|City of Night 188: Look at that number near me, hes been staring a hole through me.|
|Faggots 40: He showed me where he strings up a number, on his gallows, erected right there, in his own apartment.|
|Flame : a Life on the Game 109: A big, butch number was sitting opposite me.|
|Queer Sl. in the Gay 90s [Internet] Number – A trick; a casual sex partner.|
|Gayle 85/2: number n. person with whom one is involved/sleeping with, someone to whom one is attracted, generally indicating a transient relationship (That’s a cute number with Jack tonight).|
(d) (US) a romantically involved couple.
|Feast of Snakes 5: Her sister and Jon Lon had been a number.|
|Dead Long Enough 112: She had not yet quite written off the possibility that they, she and Harry, might still in some way be some kind of a number.|
2. an item of clothing, e.g. a dainty pink number.
|Real Charlotte I 22: The shop windows... had progressed... to straw hats, tennis shoes, and coloured Summer Numbers.|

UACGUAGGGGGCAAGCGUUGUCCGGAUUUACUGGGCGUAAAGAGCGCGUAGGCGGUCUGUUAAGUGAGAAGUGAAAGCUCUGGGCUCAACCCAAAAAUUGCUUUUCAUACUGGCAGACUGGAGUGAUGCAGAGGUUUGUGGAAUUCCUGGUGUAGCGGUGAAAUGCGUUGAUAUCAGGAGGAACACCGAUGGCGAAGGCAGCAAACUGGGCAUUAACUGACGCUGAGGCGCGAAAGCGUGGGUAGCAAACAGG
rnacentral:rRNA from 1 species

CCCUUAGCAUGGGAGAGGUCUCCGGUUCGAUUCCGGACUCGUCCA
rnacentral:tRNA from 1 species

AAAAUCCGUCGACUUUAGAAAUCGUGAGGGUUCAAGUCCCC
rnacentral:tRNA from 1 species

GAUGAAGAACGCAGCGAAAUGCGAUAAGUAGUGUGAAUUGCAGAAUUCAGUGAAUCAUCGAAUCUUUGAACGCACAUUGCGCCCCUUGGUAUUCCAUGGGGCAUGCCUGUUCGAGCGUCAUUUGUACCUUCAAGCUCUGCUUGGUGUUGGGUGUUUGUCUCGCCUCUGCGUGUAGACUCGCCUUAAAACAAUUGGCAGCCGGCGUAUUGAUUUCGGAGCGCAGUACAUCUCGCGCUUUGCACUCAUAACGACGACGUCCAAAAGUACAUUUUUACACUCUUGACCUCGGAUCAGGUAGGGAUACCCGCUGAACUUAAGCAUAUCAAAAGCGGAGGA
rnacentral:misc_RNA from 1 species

|World I Never Made 191: Let me show you some of our numbers.|
|On Broadway 21 Feb. [synd. col.] Jane Pickens Waldorfing in a little number with diamond shoulder straps.|
|Lowlife (2001) 150: A sixty-guinea Dior number.|
|Auf Wiedersehen Pet Two 269: Vicki came in, clad elegantly in a flimsy black number.|
|Llama Parlour 187: I would’ve dressed for the occasion too. Something that goes with the colour of puke. A little beige number, I think, with flecks of orange.|
|Guardian Sport 26 Mar. 12: The order clearly stated that the hair-pieces should be skinhead style and sending over a few hundred leftover Ruud Gullit numbers [...] was not what I had in mind.|
3. in fig./abstract senses.